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Real Food: What to Eat and Why by Nina…

Real Food: What to Eat and Why (edition 2007)

by Nina Planck

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3921027,329 (3.91)7
Title:Real Food: What to Eat and Why
Authors:Nina Planck
Info:Bloomsbury USA (2007), Paperback, 352 pages
Collections:Your library
Tags:Real Food

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Real Food: What to Eat and Why by Nina Planck


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If you've read anything like this book, then there is no need to read this one also. It will simply be a tiresome repeat of what you've already researched. However, if you are new to the Real Food ideology, then this is a fine starting place. Planck goes through each food group - dairy, plants, proteins - and explains their importance to the body, the nutrients they provide, and what source provides the most. Planck's writing style if cheerful and clear, and she's obviously done her research. Information about nutrition is sprinkled with personal anecdotes and stories. The list of resources in the back is helpful and extensive. But despite all this, I have some issues with this book.
First, she commits my greatest pet-peeve when it comes to diet books - extolling foods that are expensive and hard to find. Not everyone has access to the places and shops and vendors that supply these foods. Nor can we afford pasture-raised organic meats or grass-fed fresh raw milk or just picked heirloom tomatoes. This sort of grocery list is only for someone who makes significantly more than your average person. And yes, one might argue that spending on good food prevents spending on medicine and medical bills later. But a weekly budget of this sort of food for a family of four might run you $250 easy - which is ridiculous! This is even assuming one lives near real-round farmer's markets or vendor's selling raw milk - which I don't. In the end, for someone on a budget, her ideology, while sound and wise, isn't feasible for most people.
Second, there are no recipes or meal plans or anything practical to assist the reader. It merely tells you what to eat, but doesn't help you take practical steps. Any no, I don't count telling you to "drink raw milk" as a how-do.
In the end, this is a good book for a concise, clear explanation for how to make better choices for food. But it's not anything different that what you might find in many other books on the same thing. ( )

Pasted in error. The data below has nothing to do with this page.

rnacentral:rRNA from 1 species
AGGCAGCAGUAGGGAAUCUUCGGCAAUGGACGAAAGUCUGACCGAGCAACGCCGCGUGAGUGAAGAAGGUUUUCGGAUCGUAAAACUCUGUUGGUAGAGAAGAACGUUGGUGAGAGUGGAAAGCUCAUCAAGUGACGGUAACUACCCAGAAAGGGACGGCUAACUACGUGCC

empress8411 | Aug 13, 2015 |
i am trying to be more liberal with my 5 star ratings, and this book happens to be the first beneficiary.

the premise of this book is similar to the premise of a lot of books that have come out recently. the most healthy things to eat are real foods, foods that were eaten hundreds of years ago. meat, dairy, real fats, etc... what i liked about it is she went into detail with what the nutritional value of different food items. she explained the nutritional differences between powdered milk, grain fed cow milk, and grass fed cow milk. she also explained how certain industrial food is processed and how the processing diminishes the nutrition. i learned a lot more than i thought i would from this book.

a lot of it, i couldn't really understand, for the life of me i'll never understand omega-3 and omega-6 and fatty acid chains and the chemical structures of saturated, unsaturated, polyunstaturated, fats...

i hesitate to give this book 5 stars for 2 reasons.

1. at times the tone was quite pretentious. if she said one more thing about the delicacies of her vegetables sauteed in real butter with raw milk yogurt and cheese on the side, i think i may have lost it.

2. going along with point 1, i think this book had very much of a preaching to the choir tone. since i guess i am part of the choir, i liked it, but it very well could have been because it was what i wanted to hear, so i wasn't reading with any skepticism. she didn't present many opposing view-points or give much credibility to the fact that maybe conventional nutritional wisdom has a little something to offer... what i actually want to do is read a book that counters some of the points that she makes..

...but really i liked the book. it made me want to eat more good meat, more fish, more whole milk foods, and start cooking with coconut oil and lard.
( )
  klburnside | Aug 11, 2015 |
An informative discussion of why real food is better for us than low fat, vegan, or processed diets. Quite a bit of research cited, although a lot is anecdote too.
  dolphari | Mar 24, 2014 |
I just was poking through this at a friend's house. It's very readable, but a bit of a Pollan-lite. Or Nourishing Traditions-lite. Which there's a time and place for, obviously. ( )
  anderlawlor | Apr 9, 2013 |
it was, in fact, life-changing! don't pass this up.
( )
  julierh | Apr 7, 2013 |
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"Real Food reveals why traditional foods are not only delicious - everyone knows that butter tastes better - but are actually good for you, making the nutritional case for egg, cream, butter, grass-fed beef, roast chicken with the skin, lard, cocoa butter, and more." "In lively, personal chapters on produce, dairy, meat, and fish, Nina explains how the foods we've eaten for thousands of years - pork, lamb, raw milk cheese, sea salt - have been falsely accused. Industrial foods like corn syrup, which lurks everywhere from fruit juice to chicken broth, are to blame for the triple epidemic of obesity, diabetes, and heart disease, not real food."--BOOK JACKET.… (more)

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